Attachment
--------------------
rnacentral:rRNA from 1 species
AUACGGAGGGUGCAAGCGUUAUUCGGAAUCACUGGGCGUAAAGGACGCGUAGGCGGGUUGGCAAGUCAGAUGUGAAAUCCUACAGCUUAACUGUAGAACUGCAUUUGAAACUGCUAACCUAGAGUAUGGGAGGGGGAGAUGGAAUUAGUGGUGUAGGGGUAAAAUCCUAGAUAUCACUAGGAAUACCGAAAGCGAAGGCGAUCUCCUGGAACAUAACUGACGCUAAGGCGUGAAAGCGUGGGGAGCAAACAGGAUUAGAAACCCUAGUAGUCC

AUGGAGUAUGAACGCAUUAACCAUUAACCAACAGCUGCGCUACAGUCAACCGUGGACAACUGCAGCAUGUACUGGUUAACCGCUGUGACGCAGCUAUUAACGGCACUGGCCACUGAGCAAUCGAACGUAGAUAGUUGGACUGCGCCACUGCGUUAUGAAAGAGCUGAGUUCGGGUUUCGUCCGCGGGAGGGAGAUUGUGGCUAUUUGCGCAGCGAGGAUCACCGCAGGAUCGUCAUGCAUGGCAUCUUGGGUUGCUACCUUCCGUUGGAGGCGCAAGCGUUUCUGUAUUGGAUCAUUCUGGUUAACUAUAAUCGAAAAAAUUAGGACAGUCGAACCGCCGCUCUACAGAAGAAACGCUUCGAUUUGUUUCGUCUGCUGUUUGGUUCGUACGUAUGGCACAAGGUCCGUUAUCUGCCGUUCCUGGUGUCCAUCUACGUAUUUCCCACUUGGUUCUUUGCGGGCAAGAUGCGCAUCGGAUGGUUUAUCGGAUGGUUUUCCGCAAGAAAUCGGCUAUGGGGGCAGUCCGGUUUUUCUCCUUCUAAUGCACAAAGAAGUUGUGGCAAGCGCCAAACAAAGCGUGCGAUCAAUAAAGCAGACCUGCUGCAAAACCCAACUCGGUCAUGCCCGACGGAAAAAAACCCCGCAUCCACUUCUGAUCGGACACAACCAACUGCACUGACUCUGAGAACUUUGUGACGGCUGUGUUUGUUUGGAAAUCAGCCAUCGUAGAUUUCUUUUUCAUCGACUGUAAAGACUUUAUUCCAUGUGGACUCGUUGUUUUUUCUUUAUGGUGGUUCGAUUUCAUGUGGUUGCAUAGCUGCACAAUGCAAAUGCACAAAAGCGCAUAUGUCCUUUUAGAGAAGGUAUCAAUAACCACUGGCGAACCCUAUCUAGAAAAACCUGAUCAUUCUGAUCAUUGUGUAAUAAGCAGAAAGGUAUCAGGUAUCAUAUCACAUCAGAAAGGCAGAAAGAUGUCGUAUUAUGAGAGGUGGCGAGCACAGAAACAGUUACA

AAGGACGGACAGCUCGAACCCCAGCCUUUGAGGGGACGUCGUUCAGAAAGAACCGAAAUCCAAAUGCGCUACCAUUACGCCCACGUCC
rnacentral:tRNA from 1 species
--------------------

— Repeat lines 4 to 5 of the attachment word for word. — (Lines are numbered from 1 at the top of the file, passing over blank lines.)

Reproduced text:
AAGGACGGACAGCUCGAACCCCAGCCUUUGAGGGGACGUCGUUCAGAAAGAACCGAAAUCCAAAUGCGCUACCAUUACGCCCACGUCC
rnacentral:tRNA from 1 species